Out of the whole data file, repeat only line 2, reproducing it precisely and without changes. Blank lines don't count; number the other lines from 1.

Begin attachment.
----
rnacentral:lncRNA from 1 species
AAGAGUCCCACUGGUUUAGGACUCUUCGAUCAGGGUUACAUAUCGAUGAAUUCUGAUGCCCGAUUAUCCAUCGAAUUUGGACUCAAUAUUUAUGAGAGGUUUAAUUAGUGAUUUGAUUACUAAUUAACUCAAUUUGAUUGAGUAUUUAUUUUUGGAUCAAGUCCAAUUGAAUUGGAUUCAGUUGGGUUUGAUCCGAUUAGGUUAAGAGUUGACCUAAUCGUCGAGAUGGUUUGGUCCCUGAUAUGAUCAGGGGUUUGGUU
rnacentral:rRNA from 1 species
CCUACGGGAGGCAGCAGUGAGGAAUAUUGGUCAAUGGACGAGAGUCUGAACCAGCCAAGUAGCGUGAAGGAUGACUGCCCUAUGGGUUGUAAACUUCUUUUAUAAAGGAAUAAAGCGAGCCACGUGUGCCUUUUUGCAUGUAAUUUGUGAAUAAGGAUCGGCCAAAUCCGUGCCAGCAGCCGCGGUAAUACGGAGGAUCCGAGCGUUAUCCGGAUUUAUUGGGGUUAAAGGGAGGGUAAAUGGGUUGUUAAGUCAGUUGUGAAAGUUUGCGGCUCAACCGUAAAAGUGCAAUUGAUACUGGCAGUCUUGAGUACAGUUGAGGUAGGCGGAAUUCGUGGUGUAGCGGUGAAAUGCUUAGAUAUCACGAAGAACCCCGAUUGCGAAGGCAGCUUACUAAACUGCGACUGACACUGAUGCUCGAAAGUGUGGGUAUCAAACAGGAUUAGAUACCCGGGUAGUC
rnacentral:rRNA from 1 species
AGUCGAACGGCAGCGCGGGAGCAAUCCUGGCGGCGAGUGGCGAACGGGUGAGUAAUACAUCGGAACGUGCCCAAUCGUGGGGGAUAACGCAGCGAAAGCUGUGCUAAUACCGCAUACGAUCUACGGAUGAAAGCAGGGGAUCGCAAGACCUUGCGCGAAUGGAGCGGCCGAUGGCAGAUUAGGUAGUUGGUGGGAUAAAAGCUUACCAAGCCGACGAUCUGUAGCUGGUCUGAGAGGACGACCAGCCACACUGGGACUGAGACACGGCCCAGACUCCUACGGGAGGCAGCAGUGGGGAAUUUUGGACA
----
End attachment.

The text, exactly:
AAGAGUCCCACUGGUUUAGGACUCUUCGAUCAGGGUUACAUAUCGAUGAAUUCUGAUGCCCGAUUAUCCAUCGAAUUUGGACUCAAUAUUUAUGAGAGGUUUAAUUAGUGAUUUGAUUACUAAUUAACUCAAUUUGAUUGAGUAUUUAUUUUUGGAUCAAGUCCAAUUGAAUUGGAUUCAGUUGGGUUUGAUCCGAUUAGGUUAAGAGUUGACCUAAUCGUCGAGAUGGUUUGGUCCCUGAUAUGAUCAGGGGUUUGGUU